Free Speech for All . . . Except Judges?
Last month, in one of the most closely-watched cases of the October 2014 Term, the U.S. Supreme Court held that States may prohibit judges and candidates for judicial office from personally soliciting campaign funds. The Court acknowledged that similar prohibitions against candidates for political office are untenable under the First Amendment. But “judges,” Chief Justice Roberts explained, “are not politicians, even when they come to the bench by way of the ballot.” And “a State’s interest in preserving public confidence in the integrity of its judiciary extends beyond its interest in preventing the appearance of corruption in legislative and executive elections.” Thus, the Court concluded, the First Amendment permits restrictions on speech in the judicial context that it would not countenance elsewhere.
As its caption reflects, the case of Williams-Yulee v. The Florida Bar arose from one State’s sanction against a single candidate for judicial office. But the decision has important implications for the rest of the country too. Trial or appellate judges are elected in the vast majority of the States (39 to be exact), including Tennessee. Thirty of those states have adopted restrictions like the one at issue in Williams-Yulee, based on the American Bar Association’s ban on the personal solicitation of campaign funds by candidates for judicial office. According to ABA President William C. Hubbard, the Court’s decision thus “reaffirms the [S]tates’ vital interest in safeguarding the fairness and integrity of our nation’s elected judges.”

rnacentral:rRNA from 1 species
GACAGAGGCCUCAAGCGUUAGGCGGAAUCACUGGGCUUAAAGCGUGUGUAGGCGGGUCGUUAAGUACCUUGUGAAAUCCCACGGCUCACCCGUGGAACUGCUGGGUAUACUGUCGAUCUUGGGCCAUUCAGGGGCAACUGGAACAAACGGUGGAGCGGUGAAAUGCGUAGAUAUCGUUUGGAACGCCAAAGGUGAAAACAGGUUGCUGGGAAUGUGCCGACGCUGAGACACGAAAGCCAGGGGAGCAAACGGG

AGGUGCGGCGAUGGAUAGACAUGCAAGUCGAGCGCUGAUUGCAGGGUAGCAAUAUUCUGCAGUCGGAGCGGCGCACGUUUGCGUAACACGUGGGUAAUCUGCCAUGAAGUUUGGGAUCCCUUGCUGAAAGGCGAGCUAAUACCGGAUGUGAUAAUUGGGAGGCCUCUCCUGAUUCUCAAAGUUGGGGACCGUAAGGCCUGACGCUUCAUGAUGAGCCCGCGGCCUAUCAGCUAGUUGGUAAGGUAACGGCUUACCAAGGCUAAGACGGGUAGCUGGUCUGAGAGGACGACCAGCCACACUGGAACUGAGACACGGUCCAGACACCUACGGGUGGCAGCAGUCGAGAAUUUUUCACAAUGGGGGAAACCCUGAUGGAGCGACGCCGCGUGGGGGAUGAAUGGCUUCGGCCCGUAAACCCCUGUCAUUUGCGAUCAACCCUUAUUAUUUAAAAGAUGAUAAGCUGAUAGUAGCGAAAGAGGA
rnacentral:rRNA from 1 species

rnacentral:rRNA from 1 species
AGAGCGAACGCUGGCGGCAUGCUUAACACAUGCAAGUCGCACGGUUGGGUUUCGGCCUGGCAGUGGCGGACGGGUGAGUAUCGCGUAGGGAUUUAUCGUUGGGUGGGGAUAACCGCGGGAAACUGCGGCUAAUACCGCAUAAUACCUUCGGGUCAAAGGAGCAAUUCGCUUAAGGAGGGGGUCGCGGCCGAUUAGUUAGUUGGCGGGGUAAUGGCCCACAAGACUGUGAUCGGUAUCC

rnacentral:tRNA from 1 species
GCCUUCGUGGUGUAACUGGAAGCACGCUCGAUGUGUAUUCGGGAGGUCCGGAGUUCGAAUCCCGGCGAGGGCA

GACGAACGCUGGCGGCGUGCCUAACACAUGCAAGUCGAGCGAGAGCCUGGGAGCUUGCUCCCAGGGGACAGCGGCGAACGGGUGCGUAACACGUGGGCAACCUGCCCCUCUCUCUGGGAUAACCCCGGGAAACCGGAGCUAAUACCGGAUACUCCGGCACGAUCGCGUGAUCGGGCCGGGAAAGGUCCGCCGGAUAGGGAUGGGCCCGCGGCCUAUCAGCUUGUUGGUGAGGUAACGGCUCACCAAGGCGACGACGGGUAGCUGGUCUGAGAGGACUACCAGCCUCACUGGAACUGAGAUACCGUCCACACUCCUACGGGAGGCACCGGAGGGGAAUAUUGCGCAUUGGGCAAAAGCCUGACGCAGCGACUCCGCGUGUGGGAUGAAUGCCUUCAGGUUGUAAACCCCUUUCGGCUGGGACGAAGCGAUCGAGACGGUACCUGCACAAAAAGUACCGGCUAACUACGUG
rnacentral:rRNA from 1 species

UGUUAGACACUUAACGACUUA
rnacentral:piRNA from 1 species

But not all commentators agree, beginning with some members of the Court itself. Writing for the dissenting minority, Justice Scalia excoriated the majority opinion for “flatten[ing] one settled First Amendment principle after another” en route to upholding Florida’s restriction on speech. “As a general rule,” Justice Scalia noted, “the [S]tate has no power to ban speech on the basis of its content.” That principle “is not abridged for the benefit of the Brotherhood of the Robe.” Justice Kennedy wrote separately “to underscore the irony in the Court’s having concluded that the very First Amendment protections judges must enforce should be lessened when a judicial candidate’s own speech is at issue.” And Justice Alito remarked that Florida’s restriction “[wa]s about as narrowly tailored as a burlap bag.”
Some observers have classified the Court’s decision in Williams-Yulee as evidence that Chief Justice Roberts has transitioned “from one of the . . . Court’s stalwart conservative Justices to one of its most centrist and vacillating.” The Chief has sided with Justice Breyer more than with any other Justice. Others, musing on the Court’s oft-maligned 2010 decision in Citizens United v. FEC, consider Williams-Yulee “a quite modest retreat from the . . . Court’s full support for the free and massive flow of money into American politics.” Regardless, there appears to be general consensus around the notion that the majority opinion in Williams-Yulee elevates public perception of the judiciary above other constitutional concerns. Whether this elevation is enlightened or imprudent remains to be seen.